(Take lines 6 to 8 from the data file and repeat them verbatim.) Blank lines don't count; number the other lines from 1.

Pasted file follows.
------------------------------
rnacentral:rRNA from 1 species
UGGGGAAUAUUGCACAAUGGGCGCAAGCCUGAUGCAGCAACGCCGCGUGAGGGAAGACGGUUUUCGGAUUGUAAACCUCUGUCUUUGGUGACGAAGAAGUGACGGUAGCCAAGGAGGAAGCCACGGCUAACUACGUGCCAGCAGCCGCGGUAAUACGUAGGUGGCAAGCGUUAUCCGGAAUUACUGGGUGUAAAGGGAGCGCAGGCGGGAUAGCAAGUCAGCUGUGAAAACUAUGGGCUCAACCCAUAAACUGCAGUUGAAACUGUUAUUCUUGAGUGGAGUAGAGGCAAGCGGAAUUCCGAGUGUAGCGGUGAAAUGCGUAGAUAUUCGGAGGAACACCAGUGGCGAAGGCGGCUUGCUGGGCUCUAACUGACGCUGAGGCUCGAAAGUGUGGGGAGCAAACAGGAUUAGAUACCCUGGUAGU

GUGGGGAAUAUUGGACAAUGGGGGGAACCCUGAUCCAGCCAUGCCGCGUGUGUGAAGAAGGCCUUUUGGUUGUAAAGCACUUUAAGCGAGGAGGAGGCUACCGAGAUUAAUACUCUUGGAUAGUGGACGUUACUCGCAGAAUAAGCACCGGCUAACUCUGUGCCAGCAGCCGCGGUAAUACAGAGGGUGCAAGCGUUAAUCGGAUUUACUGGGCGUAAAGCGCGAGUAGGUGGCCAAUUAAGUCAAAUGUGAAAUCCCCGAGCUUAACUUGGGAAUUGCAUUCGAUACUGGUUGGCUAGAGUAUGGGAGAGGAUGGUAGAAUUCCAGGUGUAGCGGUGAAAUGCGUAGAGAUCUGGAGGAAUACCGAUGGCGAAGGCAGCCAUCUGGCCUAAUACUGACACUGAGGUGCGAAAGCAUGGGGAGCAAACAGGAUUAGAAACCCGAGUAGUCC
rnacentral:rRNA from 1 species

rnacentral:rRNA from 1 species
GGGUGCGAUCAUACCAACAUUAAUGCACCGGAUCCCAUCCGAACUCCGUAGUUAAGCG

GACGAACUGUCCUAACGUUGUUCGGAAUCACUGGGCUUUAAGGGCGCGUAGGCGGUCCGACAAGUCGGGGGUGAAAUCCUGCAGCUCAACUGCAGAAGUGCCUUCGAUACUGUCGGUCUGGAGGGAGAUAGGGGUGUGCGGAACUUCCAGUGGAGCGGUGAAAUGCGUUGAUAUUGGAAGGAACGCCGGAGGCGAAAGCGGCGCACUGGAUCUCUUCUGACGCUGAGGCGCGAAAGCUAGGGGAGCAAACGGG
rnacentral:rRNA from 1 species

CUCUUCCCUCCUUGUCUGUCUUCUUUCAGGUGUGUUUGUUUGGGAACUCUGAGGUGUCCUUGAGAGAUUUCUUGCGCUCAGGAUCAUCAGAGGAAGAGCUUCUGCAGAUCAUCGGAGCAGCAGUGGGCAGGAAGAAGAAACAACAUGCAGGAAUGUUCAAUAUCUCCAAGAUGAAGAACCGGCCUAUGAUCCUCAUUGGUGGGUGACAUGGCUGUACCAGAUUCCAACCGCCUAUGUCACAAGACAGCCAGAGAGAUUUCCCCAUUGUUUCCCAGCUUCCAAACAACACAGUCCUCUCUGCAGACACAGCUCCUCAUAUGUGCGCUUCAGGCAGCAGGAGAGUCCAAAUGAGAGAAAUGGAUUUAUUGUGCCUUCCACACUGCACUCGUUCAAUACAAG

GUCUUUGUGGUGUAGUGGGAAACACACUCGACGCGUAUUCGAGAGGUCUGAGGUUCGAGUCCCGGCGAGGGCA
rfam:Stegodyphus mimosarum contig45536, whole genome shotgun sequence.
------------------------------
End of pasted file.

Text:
GGGUGCGAUCAUACCAACAUUAAUGCACCGGAUCCCAUCCGAACUCCGUAGUUAAGCG

GACGAACUGUCCUAACGUUGUUCGGAAUCACUGGGCUUUAAGGGCGCGUAGGCGGUCCGACAAGUCGGGGGUGAAAUCCUGCAGCUCAACUGCAGAAGUGCCUUCGAUACUGUCGGUCUGGAGGGAGAUAGGGGUGUGCGGAACUUCCAGUGGAGCGGUGAAAUGCGUUGAUAUUGGAAGGAACGCCGGAGGCGAAAGCGGCGCACUGGAUCUCUUCUGACGCUGAGGCGCGAAAGCUAGGGGAGCAAACGGG
rnacentral:rRNA from 1 species